World record: Auto rickshaw driver's 15-year-old son smashes 199-ball 652 not out

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Mumbai, Jan 5: Pranav Dhanawade batted his way into the record books as he shattered a 116-year-old mark by smashing an unbeaten 652 off 199 balls in an Under-16 school cricket tournament on Monday (January 4).

Pranav scores incredible 1,009 runs

The 15-year-old Pranav recorded the highest individual score in competitive cricket. The previous mark was 628 not out by AEJ Collins in 1899. (Sachin's advice to Pranav)

Pranav Dhanawade

Playing for KC Gandhi English School, Kalyan, opener Pranav blasted 72 fours and 28 sixes on way to a record score of 652 not out off 199 deliveries.

This remarkable feat was achieved against Arya Gurukul School in HT Bhandary Trophy (Elite Group) inter-school match. The tournament is being organised by the Mumbai Cricket Association (MCA).

Thanks to Pranav's historic innings, his team amassed a mammoth 956/1 in a single day. Pranav, a Class 10 student, scored the runs in front of his father, who is an auto rickshaw driver. Pranav will look to add more runs when he resumes his innings on Day 2 (Tuesday, January 5).

Pranav's dad Prashant arrived at the ground once his son had crossed 300. "A father of one of his friends called me and asked, 'you are not at the ground?'. So I immediately rushed to the venue. It's obviously a very proud day. It's a reward for 11 years of his hard work," Prashant told "The Times of India".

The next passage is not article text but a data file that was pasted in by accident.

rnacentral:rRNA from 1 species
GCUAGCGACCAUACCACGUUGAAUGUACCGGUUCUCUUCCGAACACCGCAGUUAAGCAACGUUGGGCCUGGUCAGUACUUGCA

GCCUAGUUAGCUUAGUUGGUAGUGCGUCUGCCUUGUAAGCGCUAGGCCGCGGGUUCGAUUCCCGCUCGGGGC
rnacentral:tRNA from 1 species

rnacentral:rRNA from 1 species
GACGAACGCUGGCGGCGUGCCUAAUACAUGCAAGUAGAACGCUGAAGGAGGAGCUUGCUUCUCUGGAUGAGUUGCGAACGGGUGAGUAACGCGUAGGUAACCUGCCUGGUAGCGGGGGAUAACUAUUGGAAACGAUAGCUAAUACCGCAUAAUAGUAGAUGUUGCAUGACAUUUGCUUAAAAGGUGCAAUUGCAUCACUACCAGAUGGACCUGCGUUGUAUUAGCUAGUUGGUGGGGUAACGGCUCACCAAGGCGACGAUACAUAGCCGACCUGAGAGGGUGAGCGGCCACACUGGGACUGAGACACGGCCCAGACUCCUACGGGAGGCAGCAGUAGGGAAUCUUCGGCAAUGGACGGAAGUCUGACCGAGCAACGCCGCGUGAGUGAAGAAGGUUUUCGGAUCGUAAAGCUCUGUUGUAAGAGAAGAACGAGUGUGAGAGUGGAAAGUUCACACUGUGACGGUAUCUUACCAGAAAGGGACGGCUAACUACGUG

Prashant said there were no proper cricket facilities in Kalyan area and he had to take his son to Bandra. "There's a lot of talent in our area but we lack proper facilities for children to play and get trained. For this reason, when Pranav turned nine, I enrolled him for coaching at MIG in Bandra.

"I would drive my rickshaw in the morning and then we'd leave for MIG (ground) in the afternoon and return at night. I stopped accompanying him towards the end of 2014 as he had learnt how to travel on his own by then. Since then he has been going with a group of other boys," the proud father said.

A shy Pranav told "The Times of India" that he "was very happy" with the record and only thought of breaking it when he moved past the 400-run mark.

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